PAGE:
Grounding Transformers Explained

Grounding Transformers explained

Grounding transformers are normally constructed with one of the two configurations

Grounding transformers are used to provide a path to ground for unbalanced load current and for fault currents on systems where a suitable ground is otherwise not available. Grounding transformers are normally constructed with one of the two configurations: Zig-Zag (Zn) with or without an auxiliary winding or a Wye (Ynd) with a delta connected secondary. The Zig-Zag connection is preferred as it is more cost effective and physically smaller than the Delta-Wye unit. For added safety, neutral ground resistors (NGR) are often used in conjunction with the grounding transformer to limit neutral ground fault current magnitude. The rated voltage of the NGR should be equal to the line to ground voltage of the grounding transformer. The current rating and duration should match the grounding transformer ratings. It is important to set the current rating high enough to be above the cable charging current and grounding transformer magnetizing current.

 

Optional Features

  • High fire point liquid : FR3, Silicone or Beta Fluid
  • Detachable cooling radiators with shut off valves
  • Galvanized cooling radiators
  • Substation type design
  • Tamperproof type design
  • Primary, secondary and neutral current transformers

 

Transformer Grounding

The importance of proper grounding for electrical systems in general and electrical transformers in particular cannot be overemphasized. Under normal conditions, an electrical circuit may continue to operate satisfactorily (that is, deliver power to the utilization equipment) even without proper grounding. It is not until an abnormal condition has occurred and after either someone has been injured, equipment has been damaged, or a fire has been started, that it is realized that improper or faulty grounding was the reason. Electrical systems are grounded to:

 

  • Ensure that, at all times, the noncurrent-carrying metallic parts of an electrical system are kept at zero potential of the earth. This is done to prevent people who come in contact with them from receiving an electric shock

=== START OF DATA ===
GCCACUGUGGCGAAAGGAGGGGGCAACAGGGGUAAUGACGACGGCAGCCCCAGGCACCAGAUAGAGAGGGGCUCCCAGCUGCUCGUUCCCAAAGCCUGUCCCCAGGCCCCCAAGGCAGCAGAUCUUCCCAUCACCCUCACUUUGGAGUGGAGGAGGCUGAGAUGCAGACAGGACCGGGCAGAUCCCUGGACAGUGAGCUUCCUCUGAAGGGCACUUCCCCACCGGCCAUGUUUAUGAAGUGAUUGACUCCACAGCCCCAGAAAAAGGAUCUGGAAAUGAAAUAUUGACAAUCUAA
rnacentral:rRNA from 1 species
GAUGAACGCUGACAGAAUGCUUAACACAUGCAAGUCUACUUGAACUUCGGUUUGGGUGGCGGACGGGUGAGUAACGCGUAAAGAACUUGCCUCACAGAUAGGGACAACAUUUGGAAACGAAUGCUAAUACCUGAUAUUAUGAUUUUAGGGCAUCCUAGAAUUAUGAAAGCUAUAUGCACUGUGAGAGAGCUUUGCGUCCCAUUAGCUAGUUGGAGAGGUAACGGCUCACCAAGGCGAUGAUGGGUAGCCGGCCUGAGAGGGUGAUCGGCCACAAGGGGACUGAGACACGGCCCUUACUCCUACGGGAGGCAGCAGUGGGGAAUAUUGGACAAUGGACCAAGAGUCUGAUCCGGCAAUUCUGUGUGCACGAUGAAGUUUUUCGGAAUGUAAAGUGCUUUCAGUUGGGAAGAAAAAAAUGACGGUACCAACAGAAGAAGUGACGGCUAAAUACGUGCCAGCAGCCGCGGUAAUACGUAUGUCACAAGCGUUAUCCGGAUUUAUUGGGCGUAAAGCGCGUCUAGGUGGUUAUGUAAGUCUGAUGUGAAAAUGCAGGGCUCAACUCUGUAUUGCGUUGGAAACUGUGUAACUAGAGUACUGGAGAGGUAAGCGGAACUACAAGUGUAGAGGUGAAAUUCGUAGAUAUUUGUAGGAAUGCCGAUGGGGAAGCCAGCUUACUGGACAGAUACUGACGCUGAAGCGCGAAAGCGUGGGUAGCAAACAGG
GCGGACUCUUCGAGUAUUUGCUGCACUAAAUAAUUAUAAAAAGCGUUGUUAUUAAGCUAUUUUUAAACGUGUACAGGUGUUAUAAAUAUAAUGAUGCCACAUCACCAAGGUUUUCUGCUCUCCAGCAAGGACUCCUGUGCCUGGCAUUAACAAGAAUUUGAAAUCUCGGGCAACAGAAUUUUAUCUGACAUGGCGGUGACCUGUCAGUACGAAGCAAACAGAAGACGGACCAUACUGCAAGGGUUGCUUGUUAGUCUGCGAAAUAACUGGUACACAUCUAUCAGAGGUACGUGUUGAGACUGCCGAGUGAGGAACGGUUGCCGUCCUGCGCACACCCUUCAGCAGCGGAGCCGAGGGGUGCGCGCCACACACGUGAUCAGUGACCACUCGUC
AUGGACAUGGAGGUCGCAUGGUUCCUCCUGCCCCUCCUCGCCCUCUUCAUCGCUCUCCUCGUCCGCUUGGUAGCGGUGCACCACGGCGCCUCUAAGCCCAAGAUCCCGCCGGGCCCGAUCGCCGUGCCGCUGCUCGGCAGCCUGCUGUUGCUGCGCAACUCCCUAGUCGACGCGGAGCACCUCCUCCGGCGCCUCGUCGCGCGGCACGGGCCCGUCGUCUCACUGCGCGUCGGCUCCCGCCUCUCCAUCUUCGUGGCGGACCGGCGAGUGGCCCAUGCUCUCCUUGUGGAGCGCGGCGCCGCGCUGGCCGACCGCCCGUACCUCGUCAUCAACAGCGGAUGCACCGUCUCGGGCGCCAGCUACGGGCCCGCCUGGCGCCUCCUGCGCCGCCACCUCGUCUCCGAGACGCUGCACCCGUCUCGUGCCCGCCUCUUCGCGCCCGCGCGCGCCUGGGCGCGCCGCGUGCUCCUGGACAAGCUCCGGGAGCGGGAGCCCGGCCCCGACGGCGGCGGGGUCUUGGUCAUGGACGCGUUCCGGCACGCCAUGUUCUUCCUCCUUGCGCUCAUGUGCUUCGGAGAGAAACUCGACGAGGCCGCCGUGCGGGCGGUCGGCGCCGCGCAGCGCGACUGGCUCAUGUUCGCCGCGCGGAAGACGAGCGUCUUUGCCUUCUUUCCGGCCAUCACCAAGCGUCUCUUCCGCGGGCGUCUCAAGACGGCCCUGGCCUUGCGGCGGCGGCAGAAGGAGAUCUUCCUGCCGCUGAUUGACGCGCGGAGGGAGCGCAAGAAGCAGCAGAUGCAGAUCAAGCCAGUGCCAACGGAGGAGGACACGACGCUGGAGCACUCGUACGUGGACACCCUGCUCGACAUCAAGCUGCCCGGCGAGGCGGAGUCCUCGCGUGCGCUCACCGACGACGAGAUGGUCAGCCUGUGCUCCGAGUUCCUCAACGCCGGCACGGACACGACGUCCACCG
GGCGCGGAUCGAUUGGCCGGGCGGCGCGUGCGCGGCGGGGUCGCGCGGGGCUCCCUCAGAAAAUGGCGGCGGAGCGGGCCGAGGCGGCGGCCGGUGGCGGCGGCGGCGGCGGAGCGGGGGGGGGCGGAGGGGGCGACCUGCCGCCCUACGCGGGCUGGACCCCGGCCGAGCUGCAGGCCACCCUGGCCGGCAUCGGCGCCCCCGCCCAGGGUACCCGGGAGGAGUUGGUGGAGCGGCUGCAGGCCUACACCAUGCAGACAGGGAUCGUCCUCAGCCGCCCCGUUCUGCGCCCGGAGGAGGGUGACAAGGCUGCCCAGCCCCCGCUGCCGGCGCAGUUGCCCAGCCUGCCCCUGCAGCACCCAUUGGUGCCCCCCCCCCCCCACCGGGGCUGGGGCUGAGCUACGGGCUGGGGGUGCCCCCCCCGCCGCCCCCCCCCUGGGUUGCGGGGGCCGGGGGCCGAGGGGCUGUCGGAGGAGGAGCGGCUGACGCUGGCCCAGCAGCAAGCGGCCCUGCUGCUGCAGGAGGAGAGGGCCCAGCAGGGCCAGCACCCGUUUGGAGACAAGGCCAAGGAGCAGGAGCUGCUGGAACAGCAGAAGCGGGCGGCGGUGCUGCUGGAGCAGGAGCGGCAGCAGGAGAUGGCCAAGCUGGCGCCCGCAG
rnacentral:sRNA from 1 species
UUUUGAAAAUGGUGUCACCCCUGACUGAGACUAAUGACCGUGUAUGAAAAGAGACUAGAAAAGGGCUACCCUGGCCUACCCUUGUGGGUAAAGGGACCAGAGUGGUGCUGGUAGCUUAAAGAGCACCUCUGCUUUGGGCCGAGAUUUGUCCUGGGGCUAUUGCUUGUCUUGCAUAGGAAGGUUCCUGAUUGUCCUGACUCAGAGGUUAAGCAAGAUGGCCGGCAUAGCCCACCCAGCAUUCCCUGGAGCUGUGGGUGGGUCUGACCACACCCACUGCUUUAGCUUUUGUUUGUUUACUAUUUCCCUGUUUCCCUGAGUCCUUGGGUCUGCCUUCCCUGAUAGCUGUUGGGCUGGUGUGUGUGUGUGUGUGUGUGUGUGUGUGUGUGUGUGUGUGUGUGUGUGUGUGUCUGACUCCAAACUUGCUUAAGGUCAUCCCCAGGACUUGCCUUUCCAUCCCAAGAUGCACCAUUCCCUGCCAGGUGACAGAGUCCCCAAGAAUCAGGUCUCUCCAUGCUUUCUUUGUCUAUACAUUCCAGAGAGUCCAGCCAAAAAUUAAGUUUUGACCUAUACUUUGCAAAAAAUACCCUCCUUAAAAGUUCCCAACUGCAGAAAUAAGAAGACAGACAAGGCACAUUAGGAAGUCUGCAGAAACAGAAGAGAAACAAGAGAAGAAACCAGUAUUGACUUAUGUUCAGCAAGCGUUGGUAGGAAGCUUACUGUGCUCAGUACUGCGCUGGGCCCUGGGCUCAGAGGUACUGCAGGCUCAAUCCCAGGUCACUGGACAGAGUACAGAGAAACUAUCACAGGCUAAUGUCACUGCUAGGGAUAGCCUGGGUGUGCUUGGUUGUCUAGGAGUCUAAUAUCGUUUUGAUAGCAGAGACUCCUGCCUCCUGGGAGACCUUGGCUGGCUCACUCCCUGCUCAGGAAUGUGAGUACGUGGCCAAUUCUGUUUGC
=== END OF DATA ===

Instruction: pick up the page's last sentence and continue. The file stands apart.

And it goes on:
• To limit voltages to ground. Unintentional line surges, lightning strikes, or contact with higher voltage lines may result in voltage being placed on the electrical system that could damage or destroy electrical components and equipment.
  • To stabilize the voltage with respect to ground. Grounding electrical systems protects equipment by ensuring that the maximum phase-to-ground voltage is not exceeded.
  • To ensure that overcurrent protection devices open under ground-fault conditions. Grounding electrical systems ensures that a low-impedance ground path for fault current is present. The impedance of the ground path is kept low by ensuring that all electrical connections and any other connections or terminations in the ground path are electrically continuous and installed in a manner that ensures very little opposition to the flow of current.
  • Article 250 of the NEC covers the general requirements for grounding and bonding of electrical installations. Requirements for the grounding of transformers are divided according to the primary and secondary voltages. As an example, a transformer having a secondary voltage of less than 50 volts is required to have its system grounded if the primary voltage is greater than 150 volts to ground.

 

Terms used in grounding are similar and may be misinterpreted if care is not taken. Article 100 of the NEC contains important definitions that relate to grounding of electrical systems. These include the terms ground, grounded, effectively grounded, grounded conductor, grounding conductor, equipment grounding conductor, grounding electrode conductor and bonded. Grounded is defined as connection to earth or to some conducting body that serves as earth. Bonded is defined as the permanent joining Df metallic parts to form an electrically conductive path that will ensure electrical continuity and capacity.

In general, an electrical system derived from a transformer is required to have noncurrent-carrying metal parts and equipment grounded the same as any cther part of the complete system. Most transformer installations are considered to be separately derived systems, and their grounding requirements are covered in Section 250.30 of the NEC. According to this section the methods used for establishing a ground system shall be the nearest one of the following:

 

  • The steel frame of the building
  • A metallic cold water pipe
  • A rod driven into the ground

 

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